A health study done by the University Network for Human Rights (UNHR) that was released in July 2019 provided evidence that Taylor’s community is at pronounced risk of cancer and other negative health effects due to toxic chemicals in the air. A peer-reviewed and updated version of that report, which Taylor and Hampton contributed to, was published this year on February 18 by the journal Environmental Justice.
In November 2019, the Louisiana Department of Health announced plans to conduct a first-ever scientific inquiry into cancer cases around the Denka plant near St. John the Baptist Parish.
“Instead of doing anything to help us after the health study was published, the state decided to do its own study,” Taylor said. While he welcomes the state’s effort, he doesn’t think it should stop state regulators from acting to protect the community from the plant’s emissions in the meantime. “The EPA indicated an elevated risk of cancer for our community. We shouldn’t have to wait till we get cancer and can prove the EPA right.”
The Board of Health tasked the Louisiana State University to send students to homes within a 1.5 mile radius of the Denka plant to collect data on incidences of cancer and then match the data from residents with medical reports. If the data differs from what they find in the Louisiana Tumor Registry, which tracks the state’s cancer incidences, then that data will be updated.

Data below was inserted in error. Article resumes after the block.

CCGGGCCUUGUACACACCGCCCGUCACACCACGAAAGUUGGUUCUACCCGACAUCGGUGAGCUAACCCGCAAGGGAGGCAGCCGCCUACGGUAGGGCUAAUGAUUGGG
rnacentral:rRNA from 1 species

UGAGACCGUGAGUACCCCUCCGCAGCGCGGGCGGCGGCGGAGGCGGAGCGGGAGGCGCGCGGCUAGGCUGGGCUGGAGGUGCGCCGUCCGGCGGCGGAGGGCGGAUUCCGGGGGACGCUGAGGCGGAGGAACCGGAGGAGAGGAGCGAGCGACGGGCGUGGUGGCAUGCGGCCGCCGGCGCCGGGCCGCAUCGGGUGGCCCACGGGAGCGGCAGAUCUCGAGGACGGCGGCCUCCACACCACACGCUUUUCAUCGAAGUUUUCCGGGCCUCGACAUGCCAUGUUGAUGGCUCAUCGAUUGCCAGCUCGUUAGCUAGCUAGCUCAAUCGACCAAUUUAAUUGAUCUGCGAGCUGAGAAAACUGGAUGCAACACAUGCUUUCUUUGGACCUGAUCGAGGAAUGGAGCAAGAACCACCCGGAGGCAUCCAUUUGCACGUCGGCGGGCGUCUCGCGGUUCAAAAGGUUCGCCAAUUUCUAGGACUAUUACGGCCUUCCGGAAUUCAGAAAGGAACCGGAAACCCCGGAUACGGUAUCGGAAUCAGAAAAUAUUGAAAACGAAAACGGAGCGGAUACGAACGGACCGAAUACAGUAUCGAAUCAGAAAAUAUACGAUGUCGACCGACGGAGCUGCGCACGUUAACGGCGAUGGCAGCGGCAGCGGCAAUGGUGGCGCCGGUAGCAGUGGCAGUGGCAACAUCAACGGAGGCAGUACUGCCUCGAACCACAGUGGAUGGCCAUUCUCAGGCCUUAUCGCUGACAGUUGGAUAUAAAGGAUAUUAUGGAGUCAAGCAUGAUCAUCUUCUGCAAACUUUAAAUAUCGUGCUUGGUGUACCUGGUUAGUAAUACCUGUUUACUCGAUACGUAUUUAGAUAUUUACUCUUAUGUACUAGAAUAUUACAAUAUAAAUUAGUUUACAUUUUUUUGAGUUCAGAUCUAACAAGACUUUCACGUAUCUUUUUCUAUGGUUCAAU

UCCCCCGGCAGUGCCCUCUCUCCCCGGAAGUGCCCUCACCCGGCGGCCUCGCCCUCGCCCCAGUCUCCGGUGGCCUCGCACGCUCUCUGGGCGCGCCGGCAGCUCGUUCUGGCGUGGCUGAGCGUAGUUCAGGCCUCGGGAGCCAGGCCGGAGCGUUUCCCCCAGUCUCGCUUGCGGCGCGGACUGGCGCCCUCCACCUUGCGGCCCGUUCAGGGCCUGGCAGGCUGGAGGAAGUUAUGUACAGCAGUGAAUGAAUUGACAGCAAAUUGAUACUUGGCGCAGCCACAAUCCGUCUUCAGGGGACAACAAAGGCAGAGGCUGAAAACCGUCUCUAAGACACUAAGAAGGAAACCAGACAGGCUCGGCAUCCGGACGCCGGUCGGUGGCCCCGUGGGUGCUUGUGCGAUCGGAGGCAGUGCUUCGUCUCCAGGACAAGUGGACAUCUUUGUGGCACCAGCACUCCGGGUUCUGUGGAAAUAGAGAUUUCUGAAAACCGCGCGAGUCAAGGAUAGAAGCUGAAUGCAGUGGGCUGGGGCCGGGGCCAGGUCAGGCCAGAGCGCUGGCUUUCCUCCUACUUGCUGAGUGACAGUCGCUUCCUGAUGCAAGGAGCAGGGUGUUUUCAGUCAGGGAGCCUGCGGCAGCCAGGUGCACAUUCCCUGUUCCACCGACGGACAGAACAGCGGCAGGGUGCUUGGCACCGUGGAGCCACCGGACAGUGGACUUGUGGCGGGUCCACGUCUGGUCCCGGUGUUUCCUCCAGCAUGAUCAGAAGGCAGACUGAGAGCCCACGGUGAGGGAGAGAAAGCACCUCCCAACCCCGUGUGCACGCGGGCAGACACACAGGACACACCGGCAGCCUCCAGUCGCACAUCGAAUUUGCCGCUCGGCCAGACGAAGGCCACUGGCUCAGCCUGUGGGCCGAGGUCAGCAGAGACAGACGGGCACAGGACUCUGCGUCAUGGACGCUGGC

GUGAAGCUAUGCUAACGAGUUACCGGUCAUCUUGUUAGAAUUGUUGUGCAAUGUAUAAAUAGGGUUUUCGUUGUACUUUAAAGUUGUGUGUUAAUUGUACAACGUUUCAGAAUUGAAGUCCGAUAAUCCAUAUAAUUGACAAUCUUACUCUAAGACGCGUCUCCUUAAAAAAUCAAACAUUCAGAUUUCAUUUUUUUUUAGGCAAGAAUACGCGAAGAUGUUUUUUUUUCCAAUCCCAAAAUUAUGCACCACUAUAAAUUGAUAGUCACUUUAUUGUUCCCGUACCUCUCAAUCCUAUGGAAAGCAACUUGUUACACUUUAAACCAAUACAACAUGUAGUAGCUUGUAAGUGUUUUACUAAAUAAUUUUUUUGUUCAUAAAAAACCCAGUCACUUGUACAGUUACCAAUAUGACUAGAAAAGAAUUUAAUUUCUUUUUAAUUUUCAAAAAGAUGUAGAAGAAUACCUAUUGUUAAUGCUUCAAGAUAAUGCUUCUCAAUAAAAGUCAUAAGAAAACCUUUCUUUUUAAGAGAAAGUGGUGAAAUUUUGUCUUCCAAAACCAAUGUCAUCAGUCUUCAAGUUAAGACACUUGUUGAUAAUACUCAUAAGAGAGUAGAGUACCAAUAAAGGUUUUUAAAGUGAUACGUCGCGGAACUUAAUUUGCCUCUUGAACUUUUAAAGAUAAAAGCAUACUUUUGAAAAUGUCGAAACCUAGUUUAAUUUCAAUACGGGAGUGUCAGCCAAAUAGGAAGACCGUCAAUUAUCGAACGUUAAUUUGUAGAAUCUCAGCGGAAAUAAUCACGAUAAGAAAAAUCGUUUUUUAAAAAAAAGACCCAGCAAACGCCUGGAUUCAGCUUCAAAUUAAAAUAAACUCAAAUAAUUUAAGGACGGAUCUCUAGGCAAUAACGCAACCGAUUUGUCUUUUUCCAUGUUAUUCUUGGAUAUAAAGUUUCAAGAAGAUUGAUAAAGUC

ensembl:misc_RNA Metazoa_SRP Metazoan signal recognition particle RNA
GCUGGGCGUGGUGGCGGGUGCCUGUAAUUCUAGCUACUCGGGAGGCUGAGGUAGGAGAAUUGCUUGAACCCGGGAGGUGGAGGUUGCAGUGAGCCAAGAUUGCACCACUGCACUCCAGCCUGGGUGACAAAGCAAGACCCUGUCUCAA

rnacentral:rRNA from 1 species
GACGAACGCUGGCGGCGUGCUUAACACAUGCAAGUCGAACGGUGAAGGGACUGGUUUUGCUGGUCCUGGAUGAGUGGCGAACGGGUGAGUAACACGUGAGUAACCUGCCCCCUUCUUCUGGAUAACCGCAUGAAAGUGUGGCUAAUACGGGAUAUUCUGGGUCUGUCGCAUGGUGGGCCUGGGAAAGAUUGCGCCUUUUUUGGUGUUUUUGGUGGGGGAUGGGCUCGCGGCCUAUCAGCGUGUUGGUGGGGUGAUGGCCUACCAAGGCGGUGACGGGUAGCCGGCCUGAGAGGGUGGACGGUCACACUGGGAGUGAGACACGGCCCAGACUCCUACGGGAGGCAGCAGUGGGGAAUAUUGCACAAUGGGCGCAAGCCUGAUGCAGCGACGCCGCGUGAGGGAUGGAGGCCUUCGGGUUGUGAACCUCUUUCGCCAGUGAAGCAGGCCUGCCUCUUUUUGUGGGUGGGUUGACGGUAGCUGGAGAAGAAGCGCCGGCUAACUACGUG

Due to the pandemic, the survey is being done by phone instead of in person. However, Taylor doesn’t see how that approach can succeed in this community. He has yet to receive a call from anyone tied to the study, and the few community members he knows who have received a call told him that the questions they were asked didn’t make much sense to them. Hampton pointed out that community members she knows who did participate didn’t feel comfortable talking about their family’s health status over the phone.
A victim of Covid-19 being buried in St. Charles Parish, LA, on January 30, 2021. Credit: Julie Dermansky.
While the Louisiana Tumor Registry’s records don’t show an increase in deaths caused by cancer incidences linked to industrial pollution in Cancer Alley, some environmental advocates say they don’t have much confidence in the accuracy of those records. Neither does Baloney, the funeral home owner, who says he has no doubt that the oil refineries and petrochemical plants around him impact his community’s health.